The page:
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Thread: Abuse of absenteeism policy

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    Abuse of absenteeism policy

    I am faced with an employee who has used up all her sick leave (probably fraudulently), family responsibility leave and vacation leave and who continues to randomly take periods of absenteeism because her child is sick. Regardless of proof of illness the business cannot afford to run this way. she refuses to sign a Final written warning for unauthorised absenteeism. If i hold a hearing for absenteeism can I dismiss her if the code of conduct says FWW for first attempt (but was not really written for this situation) or is there a better process to follow?

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    Diamond Member HR Solutions's Avatar
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    I hope you are not paying her for time taken off that she doesn't have ......
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    Platinum Member sterne.law@gmail.com's Avatar
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    May I suggest that you list the dates of absence, and then very important, mark off the days of absence that preceed or follow an of day.
    If there is a pattern this pattern will point to abuse.

    Child sick doe snot qualify as sick leave.
    The contract is that the employee provides service and the employer pays.
    If unable to do so then the contract is not being honoured.

    Abuse, with sick notes can point to dishonesty which opens the door for possible dismissal.

    It is worth mentioning, that you do not, of necessity, need an employee to sign a warning for it to be valid.
    Anthony Sterne

    www.acumenholdings.co.za
    DISCLAIMER The above is merely a comment in discussion form and an open public arena. It does not constitute a legal opinion or professional advice in any manner or form.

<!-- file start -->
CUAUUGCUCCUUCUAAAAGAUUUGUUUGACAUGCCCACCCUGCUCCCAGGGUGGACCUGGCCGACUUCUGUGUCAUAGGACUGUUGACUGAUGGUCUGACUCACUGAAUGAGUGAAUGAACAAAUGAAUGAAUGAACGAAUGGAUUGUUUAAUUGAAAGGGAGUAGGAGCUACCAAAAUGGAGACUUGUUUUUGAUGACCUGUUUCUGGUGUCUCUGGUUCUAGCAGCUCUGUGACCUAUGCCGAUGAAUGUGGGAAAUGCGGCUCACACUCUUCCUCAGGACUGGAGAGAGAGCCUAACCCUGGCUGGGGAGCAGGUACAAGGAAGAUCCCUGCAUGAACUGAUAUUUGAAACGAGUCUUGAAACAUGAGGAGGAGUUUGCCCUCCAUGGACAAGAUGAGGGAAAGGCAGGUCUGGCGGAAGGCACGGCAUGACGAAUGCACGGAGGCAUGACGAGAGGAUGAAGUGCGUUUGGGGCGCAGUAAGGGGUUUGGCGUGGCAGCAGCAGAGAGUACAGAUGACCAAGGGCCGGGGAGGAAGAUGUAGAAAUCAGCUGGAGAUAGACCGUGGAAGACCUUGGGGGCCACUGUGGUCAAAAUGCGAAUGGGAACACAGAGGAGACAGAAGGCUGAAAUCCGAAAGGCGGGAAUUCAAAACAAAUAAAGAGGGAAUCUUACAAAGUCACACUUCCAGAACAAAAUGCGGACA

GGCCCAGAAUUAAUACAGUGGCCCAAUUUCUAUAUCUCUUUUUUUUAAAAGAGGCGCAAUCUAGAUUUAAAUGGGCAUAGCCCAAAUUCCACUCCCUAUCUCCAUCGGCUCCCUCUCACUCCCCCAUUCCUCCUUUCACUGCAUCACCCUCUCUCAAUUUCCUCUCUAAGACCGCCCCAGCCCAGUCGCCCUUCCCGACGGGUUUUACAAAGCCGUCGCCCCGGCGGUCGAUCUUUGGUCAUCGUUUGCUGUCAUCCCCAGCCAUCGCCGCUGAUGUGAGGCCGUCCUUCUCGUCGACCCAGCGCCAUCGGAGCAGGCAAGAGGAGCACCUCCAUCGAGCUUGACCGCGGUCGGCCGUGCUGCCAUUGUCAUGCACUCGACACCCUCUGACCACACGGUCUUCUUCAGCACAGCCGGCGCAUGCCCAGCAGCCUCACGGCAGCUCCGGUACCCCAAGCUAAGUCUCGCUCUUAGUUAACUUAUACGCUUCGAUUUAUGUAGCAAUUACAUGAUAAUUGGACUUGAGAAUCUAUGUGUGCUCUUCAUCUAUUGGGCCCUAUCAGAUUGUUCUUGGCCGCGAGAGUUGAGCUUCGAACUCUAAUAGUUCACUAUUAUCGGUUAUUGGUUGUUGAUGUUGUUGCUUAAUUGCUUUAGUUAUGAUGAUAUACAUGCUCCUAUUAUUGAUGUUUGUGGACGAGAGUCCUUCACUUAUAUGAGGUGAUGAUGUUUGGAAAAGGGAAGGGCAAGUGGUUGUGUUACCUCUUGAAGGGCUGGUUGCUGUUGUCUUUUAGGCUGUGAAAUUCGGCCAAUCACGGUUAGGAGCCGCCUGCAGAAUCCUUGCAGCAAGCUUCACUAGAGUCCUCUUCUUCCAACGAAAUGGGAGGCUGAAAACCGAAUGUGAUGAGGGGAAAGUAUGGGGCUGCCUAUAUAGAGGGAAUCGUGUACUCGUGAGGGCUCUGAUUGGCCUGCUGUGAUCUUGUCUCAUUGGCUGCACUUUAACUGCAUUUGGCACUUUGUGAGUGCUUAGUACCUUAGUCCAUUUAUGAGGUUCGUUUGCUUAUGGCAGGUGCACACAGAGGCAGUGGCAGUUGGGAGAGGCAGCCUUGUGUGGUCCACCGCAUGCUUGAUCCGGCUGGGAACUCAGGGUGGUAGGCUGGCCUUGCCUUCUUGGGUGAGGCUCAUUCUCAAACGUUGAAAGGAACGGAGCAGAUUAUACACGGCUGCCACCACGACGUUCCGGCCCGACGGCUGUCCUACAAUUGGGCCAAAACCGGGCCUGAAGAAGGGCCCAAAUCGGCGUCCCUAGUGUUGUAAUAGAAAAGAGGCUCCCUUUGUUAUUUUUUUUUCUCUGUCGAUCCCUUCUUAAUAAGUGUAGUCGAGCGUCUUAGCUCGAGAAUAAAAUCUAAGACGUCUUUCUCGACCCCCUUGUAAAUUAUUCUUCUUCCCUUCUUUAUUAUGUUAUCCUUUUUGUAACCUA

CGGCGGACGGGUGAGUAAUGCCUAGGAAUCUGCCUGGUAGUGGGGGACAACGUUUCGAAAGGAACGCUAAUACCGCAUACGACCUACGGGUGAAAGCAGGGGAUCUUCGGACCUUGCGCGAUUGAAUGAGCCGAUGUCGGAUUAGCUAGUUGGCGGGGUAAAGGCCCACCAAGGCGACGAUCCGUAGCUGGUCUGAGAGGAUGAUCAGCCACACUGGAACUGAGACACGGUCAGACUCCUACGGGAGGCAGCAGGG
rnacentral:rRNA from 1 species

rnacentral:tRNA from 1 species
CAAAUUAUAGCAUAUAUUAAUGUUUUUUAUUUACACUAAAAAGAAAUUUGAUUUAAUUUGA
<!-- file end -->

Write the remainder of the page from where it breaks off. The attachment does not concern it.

4. Thank given for this post:

    adrianh (12-Jun-16), AndyD (08-Jun-16), Vanash Naick (08-Jun-16)

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    Thanks guys, I am going to regard the unsigned warning as valid and hold a hearing whether attended or in absentia. If she does not bring convincing new evidence she will have to face dismissal.

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    Hi Glen
    I am concerned with the tone of your thread. One needs to be (or at least try be) objective and keep an open mind, until the hearing. It appears that you are premediating dismissal and this will probably be noticeable to others, in your conduct and discourse on the topic of this employee. If this employee is dismissed and goes to CCMA with proof of her child's illness, and the commissioner happens to be female, sympathy might not be on your side. Payment for unauthorised absent periods is not mandatory. If this employee is a single parent her case is even more meritorious and you may be seen as an insensitive employer. May I suggest a softer stance, i.e. have a conversation with the employee in private and try understand her situation, respond to her in a caring concerned manner, yet indicating the impact of her absenteeism on the business. Is it possible to assist her in another way, changing her position to half day, perhaps. Clearly, if there is a case for leave abuse, this could lead to a fair dismissal, but showing compassion and understanding for her possibly unique set of circumstances, makes you a better person in the eyes of your staff, your clients and especially, hers. I think you have an opportunity to turn this recalcitrant employee into a star employee. You're probably swearing at me while you're reading this, but this is sound advice.

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    premediating should be "premeditating", apologies.

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